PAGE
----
Skip to main content

Para Elisa review




A job at a magnificent house owned by a famous musician seems too good to be true – and it is – in the tension-filled horror film PARA ELISA. The acclaimed new Spanish film comes to DVD and VOD on September 1, 2015 from Dark Sky Films.

What you read above is all I knew about this film before watching it so I wanted to give you the same opportunity before I spoil anything for you. PARA ELISA is a brilliantly crafted thriller that is grotesque and beautiful while thoroughly entertaining. 

With elements of Misery, Mommy Dearest, Psycho, House of the Devil, Sleep away Camp and Who Can Kill a Child, PARA ELISA manages to play with genre tropes while never fully committing to them and in turn creates something truly unique. The first act of the film is so beautifully shot and composed that its almost distracting from the story that's being set up, this is of course by design. Ana (our protagonist) exists in a world of absolute aesthetic magnificence that she can't wait to escape. Her parents won't foot the bill for a post graduation vacation so she decides to take an "easy" job as a nanny to get some quick cash.

Of course as the description above alludes to, this is not the job she was expecting or deserves. The deserves part is what got me. Ana is in no way set up as a hero by the film makers and I'm wondering if we as an audience are supposed to feel sympathy for her or take pleasure in her receiving comeuppance. She is certainly a victim but I'm curious to see how people will react to her character. American audiences react in odd ball ways when it comes to nuanced female charters. Look at how people reacted to Skylar in Breaking Bad. You would have thought she was a fragile, ego driven, megalomaniac who cooked meth and killed her business partners.

While the film isn't scary in a traditional (loud noise off screen makes the audience jump) sort of way, it's certainly unnerving and gets under your skin. But the film also made me laugh out loud several times and revel in its pure over the top spectacle. I'm not familiar with the cast but whoever played Mommy will inspire drag queens for the next 30 years. Its difficult to pull off a film like this without stooping to an ironic disposition. PARA ELISA is proud to raise its freak flag and stand alone.




Comments

Popular posts from this blog

THE True Bromance Film Podcast - Spider-Man: Into the Spider-Verse

Episode 208 - Spider-Man: Into the Spider-Verse

We like to keep up with the latest and greatest in the film universe so for this episode we're dialing up Spider-Man: Into the Spider-Verse. In a world where superhero films saturate the market, can an animated feature distinguish itself from the pack?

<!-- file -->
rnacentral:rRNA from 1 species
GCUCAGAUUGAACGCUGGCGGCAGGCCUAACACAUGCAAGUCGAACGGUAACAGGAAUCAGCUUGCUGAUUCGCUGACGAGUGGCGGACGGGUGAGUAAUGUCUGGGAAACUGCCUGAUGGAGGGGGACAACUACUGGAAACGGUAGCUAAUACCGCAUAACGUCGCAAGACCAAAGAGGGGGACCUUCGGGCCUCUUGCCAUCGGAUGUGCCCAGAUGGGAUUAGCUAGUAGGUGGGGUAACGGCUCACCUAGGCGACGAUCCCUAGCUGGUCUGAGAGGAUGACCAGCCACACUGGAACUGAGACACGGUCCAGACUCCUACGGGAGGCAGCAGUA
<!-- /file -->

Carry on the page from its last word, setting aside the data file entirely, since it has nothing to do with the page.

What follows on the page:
MOVIES DISCUSSED THIS WEEK:

A Fistful of Dollars, The Favourite, Skyscraper, The Meg, RBG, Ant-Man and the Wasp, Searching, Spider-Man: Into the Spider-Verse


NO ALTERNATIVE review

Depression is often marked by sadness, despair, and hopelessness. The sense that things will not get better is something most of us pass through at different points in our lives. But depression is something more than that. It’s not just a temporary feeling, it’s a debilitating emotional state that you can’t simply pull yourself out of. The angry outbursts, irritability, and frustration that come along with depression can isolate individuals suffering from this condition and push them deeper into their own thoughts. Everyone needs to be heard and sometimes those who can’t express themselves in traditional forms find their voice in art.
Edvard Munch wrestled with agoraphobia and frequently had hallucinations, one of which inspired THE SCREAM, a painting so iconic that even the most casual art enthusiast is familiar with the piece.  Sylvia Plath took a more direct approach with THE BELL JAR and laid out the details of her depression with brutal honesty. Briana Dickerson a white suburba…

Film Threat Presents launches at Comic Con with The Theta Girl

33 years after its premiere as the rogue, iconoclastic fanzine championing indie film, Film Threat is back. First as a website, FilmThreat.com, relaunched last year, and now as a distribution label, catering to the same demographic that loved the disruptive magazine so much during its print run between 1985 and 1997.

The first release, scheduled for September 18th, is the micro-budget indie horror film THE THETA GIRL.

THE THETA GIRL, a feature film produced by first-time filmmakers David Axe and Christopher Bickel, has been currently ravaging the film festival circuit and building a dedicated fanbase.

"I'm proud to screen for you the trailer for THE THETA GIRL, a film that warped my mind," said Film Threat's Chris Gore at his FUTURE INDIES YOU MUST SEE panel at San Diego Comic-Con. He went on, "This is the first film that we are releasing under our new 'Film Threat Presents' label. I think you can tell from this teaser, it's the type of film you wo…